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Mutations in the human X-linked cyclin-dependent kinase-like 5 (CDKL5) gene have been identified in patients with Rett syndrome (RTT), West syndrome, and X-linked infantile spasms, sharing the common feature of mental retardation and early seizures. CDKL5 is a rather uncharacterized kinase, but its involvement in RTT seems to be explained by the fact that(More)
Alzheimer disease (AD) is characterized by cerebral deposits of beta-amyloid (Abeta) peptides, which are surrounded by neuroinflammatory cells. Epidemiological studies have shown that prolonged use of non-steroidal anti-inflammatory drugs (NSAIDs) reduces the risk of developing AD. In addition, biological data indicate that certain NSAIDs specifically lower(More)
Manganese chloride increased cell mortality when added to human fibroblast cultures. The toxicity of the metal was greatly enhanced by dopamine; this effect was antagonized by the presence in the culture medium of catalase and superoxide dismutase enzymes. Manganese chloride also caused a marked decrease of striatal dopamine concentrations when infused into(More)
Although Rett syndrome (RTT) represents one of the most frequent forms of severe intellectual disability in females worldwide, we still have an inadequate knowledge of the many roles played by MeCP2 (whose mutations are responsible for most cases of RTT) and their relevance for RTT pathobiology. Several studies support a role of MeCP2 in the regulation of(More)
Biogenesis and recycling of synaptic vesicles are accompanied by sorting processes that preserve the molecular composition of the compartments involved. In the present study, we have addressed the targeting of synaptobrevin 2/VAMP2 (vesicle-associated membrane protein 2), a critical component of the synaptic vesicle--fusion machinery, in a heterotypic(More)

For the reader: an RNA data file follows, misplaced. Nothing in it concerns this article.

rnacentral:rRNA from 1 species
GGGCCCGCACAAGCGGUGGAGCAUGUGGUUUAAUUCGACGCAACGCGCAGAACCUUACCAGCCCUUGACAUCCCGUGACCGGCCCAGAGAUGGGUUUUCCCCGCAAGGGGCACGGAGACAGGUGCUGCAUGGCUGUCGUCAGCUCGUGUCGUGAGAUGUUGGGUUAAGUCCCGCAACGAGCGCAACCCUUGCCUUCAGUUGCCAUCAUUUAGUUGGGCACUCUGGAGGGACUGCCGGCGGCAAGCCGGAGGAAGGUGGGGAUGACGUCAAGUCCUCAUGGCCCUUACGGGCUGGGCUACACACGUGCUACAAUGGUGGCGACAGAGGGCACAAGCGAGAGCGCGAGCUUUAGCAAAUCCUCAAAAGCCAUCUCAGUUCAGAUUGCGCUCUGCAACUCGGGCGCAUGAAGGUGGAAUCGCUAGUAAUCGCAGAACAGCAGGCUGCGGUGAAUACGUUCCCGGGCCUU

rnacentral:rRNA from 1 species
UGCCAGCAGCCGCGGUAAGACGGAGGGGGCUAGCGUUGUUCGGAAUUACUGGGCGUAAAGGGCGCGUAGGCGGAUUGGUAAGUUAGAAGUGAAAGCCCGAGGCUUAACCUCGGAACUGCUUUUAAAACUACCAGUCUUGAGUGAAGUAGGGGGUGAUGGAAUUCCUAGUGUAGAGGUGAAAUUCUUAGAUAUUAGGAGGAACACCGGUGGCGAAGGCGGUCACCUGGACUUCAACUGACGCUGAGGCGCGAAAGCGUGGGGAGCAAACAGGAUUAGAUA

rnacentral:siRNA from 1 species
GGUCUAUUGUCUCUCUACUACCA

Mutations in the X-linked CDKL5 (cyclin-dependent kinase-like 5) gene have been associated with several forms of neurodevelopmental disorders, including atypical Rett syndrome, autism spectrum disorders, and early infantile epileptic encephalopathy. Accordingly, loss of CDKL5 in mice results in autistic-like features and impaired neuronal communication.(More)
In the last few years, the X-linked serine/threonine kinase cyclin-dependent kinase-like 5 (CDKL5) has been associated with early-onset epileptic encephalopathies characterized by the manifestation of intractable epilepsy within the first weeks of life, severe developmental delay, profound hypotonia, and often the presence of some Rett-syndrome-like(More)
Mutations in the X-linked gene cyclin-dependent kinase-like 5 (CDKL5) have been found in patients with epileptic encephalopathy characterized by early onset intractable epilepsy, including infantile spasms and other types of seizures, severe developmental delay, and often the development of Rett syndrome-like features. Despite its clear involvement in(More)
Intravenous administration of acetyl salicylate of lysine, a soluble salt of aspirin, reduced in rats the firing discharge of thalamic neurones, evoked by noxious stimuli. Concomitantly, concentrations of 5-hydroxyindole acetic acid increased, while those of met-enkephalin-like immuno-reactive derivatives were decreased in several areas of the brain.(More)
In the last years, the X-linked cyclin-dependent kinase-like 5 (CDKL5) gene has been associated with epileptic encephalopathies characterized by the early onset of intractable epilepsy, severe developmental delay, autistic features, and often the development of Rett syndrome-like features. Still, the role of CDKL5 in neuronal functions is not fully(More)